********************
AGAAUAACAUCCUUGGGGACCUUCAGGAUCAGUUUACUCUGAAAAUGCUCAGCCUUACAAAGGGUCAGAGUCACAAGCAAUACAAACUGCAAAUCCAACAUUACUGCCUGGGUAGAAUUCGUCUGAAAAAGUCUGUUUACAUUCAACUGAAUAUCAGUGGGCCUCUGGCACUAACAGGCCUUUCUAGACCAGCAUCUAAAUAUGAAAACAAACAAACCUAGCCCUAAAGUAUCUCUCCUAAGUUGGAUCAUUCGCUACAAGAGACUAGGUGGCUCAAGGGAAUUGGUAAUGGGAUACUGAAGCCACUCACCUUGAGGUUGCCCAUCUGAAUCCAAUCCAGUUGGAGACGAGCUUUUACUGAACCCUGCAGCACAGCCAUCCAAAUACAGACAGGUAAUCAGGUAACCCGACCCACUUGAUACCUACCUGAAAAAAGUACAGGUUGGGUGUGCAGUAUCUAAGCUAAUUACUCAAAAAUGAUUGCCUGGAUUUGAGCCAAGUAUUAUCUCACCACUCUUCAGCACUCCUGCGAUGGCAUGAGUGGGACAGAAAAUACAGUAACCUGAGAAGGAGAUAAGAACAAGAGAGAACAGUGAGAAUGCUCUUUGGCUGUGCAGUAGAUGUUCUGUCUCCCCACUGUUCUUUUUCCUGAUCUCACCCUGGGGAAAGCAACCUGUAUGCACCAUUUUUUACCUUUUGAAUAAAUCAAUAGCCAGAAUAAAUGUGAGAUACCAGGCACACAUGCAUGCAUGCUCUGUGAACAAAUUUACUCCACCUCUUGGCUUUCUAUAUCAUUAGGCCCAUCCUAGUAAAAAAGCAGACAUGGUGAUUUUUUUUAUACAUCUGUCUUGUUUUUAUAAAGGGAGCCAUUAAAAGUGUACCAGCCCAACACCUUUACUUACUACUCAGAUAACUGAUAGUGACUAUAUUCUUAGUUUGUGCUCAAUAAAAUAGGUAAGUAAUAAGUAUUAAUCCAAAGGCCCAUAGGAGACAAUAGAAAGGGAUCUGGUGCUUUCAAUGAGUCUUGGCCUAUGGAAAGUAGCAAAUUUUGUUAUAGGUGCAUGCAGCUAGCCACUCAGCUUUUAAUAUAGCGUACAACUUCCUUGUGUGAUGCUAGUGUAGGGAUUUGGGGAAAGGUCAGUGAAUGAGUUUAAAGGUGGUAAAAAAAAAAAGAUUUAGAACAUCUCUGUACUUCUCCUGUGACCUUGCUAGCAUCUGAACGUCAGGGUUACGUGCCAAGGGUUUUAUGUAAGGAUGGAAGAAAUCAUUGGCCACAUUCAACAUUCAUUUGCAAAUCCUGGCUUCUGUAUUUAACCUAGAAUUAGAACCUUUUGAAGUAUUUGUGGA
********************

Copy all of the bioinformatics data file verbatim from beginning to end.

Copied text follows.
AGAAUAACAUCCUUGGGGACCUUCAGGAUCAGUUUACUCUGAAAAUGCUCAGCCUUACAAAGGGUCAGAGUCACAAGCAAUACAAACUGCAAAUCCAACAUUACUGCCUGGGUAGAAUUCGUCUGAAAAAGUCUGUUUACAUUCAACUGAAUAUCAGUGGGCCUCUGGCACUAACAGGCCUUUCUAGACCAGCAUCUAAAUAUGAAAACAAACAAACCUAGCCCUAAAGUAUCUCUCCUAAGUUGGAUCAUUCGCUACAAGAGACUAGGUGGCUCAAGGGAAUUGGUAAUGGGAUACUGAAGCCACUCACCUUGAGGUUGCCCAUCUGAAUCCAAUCCAGUUGGAGACGAGCUUUUACUGAACCCUGCAGCACAGCCAUCCAAAUACAGACAGGUAAUCAGGUAACCCGACCCACUUGAUACCUACCUGAAAAAAGUACAGGUUGGGUGUGCAGUAUCUAAGCUAAUUACUCAAAAAUGAUUGCCUGGAUUUGAGCCAAGUAUUAUCUCACCACUCUUCAGCACUCCUGCGAUGGCAUGAGUGGGACAGAAAAUACAGUAACCUGAGAAGGAGAUAAGAACAAGAGAGAACAGUGAGAAUGCUCUUUGGCUGUGCAGUAGAUGUUCUGUCUCCCCACUGUUCUUUUUCCUGAUCUCACCCUGGGGAAAGCAACCUGUAUGCACCAUUUUUUACCUUUUGAAUAAAUCAAUAGCCAGAAUAAAUGUGAGAUACCAGGCACACAUGCAUGCAUGCUCUGUGAACAAAUUUACUCCACCUCUUGGCUUUCUAUAUCAUUAGGCCCAUCCUAGUAAAAAAGCAGACAUGGUGAUUUUUUUUAUACAUCUGUCUUGUUUUUAUAAAGGGAGCCAUUAAAAGUGUACCAGCCCAACACCUUUACUUACUACUCAGAUAACUGAUAGUGACUAUAUUCUUAGUUUGUGCUCAAUAAAAUAGGUAAGUAAUAAGUAUUAAUCCAAAGGCCCAUAGGAGACAAUAGAAAGGGAUCUGGUGCUUUCAAUGAGUCUUGGCCUAUGGAAAGUAGCAAAUUUUGUUAUAGGUGCAUGCAGCUAGCCACUCAGCUUUUAAUAUAGCGUACAACUUCCUUGUGUGAUGCUAGUGUAGGGAUUUGGGGAAAGGUCAGUGAAUGAGUUUAAAGGUGGUAAAAAAAAAAAGAUUUAGAACAUCUCUGUACUUCUCCUGUGACCUUGCUAGCAUCUGAACGUCAGGGUUACGUGCCAAGGGUUUUAUGUAAGGAUGGAAGAAAUCAUUGGCCACAUUCAACAUUCAUUUGCAAAUCCUGGCUUCUGUAUUUAACCUAGAAUUAGAACCUUUUGAAGUAUUUGUGGA